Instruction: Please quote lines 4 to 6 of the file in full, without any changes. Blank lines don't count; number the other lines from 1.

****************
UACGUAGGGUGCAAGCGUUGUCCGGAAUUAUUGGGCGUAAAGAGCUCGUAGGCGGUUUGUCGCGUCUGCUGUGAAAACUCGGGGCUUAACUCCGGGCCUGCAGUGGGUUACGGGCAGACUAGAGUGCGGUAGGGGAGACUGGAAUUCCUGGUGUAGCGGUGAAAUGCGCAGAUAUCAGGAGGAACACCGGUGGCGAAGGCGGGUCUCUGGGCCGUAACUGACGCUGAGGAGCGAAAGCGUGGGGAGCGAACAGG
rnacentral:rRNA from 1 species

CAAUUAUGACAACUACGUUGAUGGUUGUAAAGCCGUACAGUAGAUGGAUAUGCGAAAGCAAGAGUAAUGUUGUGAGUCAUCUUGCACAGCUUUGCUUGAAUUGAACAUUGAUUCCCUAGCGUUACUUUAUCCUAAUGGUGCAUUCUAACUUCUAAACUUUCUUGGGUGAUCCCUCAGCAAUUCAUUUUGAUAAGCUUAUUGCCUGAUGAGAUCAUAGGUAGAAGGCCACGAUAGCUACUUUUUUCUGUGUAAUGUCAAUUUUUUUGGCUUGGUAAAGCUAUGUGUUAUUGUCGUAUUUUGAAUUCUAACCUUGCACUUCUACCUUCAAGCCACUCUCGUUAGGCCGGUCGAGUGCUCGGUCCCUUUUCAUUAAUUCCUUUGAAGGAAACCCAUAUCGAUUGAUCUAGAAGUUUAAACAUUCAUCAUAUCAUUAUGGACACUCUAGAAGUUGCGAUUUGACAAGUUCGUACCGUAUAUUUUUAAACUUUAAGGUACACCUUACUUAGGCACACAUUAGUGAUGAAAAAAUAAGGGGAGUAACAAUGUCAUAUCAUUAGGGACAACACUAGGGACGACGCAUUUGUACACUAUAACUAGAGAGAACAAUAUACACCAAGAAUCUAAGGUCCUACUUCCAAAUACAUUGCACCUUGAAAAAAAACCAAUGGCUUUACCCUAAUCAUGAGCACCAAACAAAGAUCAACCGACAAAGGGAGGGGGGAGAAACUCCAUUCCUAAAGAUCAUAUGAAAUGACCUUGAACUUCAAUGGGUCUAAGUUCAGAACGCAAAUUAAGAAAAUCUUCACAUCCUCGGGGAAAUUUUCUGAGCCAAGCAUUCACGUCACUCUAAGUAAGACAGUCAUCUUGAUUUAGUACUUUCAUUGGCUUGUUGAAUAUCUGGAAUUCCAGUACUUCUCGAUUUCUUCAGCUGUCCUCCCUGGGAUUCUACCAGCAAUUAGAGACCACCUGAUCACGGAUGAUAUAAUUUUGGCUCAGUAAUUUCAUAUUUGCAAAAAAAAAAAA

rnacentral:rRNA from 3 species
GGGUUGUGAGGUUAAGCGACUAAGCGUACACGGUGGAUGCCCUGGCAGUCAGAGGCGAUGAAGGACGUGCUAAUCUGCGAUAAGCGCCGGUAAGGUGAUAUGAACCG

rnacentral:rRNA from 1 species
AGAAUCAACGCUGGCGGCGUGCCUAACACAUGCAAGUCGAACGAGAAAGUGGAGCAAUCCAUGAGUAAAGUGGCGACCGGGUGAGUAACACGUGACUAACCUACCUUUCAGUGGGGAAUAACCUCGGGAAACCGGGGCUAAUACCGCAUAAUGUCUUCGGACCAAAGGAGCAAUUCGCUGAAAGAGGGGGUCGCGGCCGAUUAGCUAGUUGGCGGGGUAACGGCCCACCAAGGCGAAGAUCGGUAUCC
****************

rnacentral:rRNA from 3 species
GGGUUGUGAGGUUAAGCGACUAAGCGUACACGGUGGAUGCCCUGGCAGUCAGAGGCGAUGAAGGACGUGCUAAUCUGCGAUAAGCGCCGGUAAGGUGAUAUGAACCG

rnacentral:rRNA from 1 species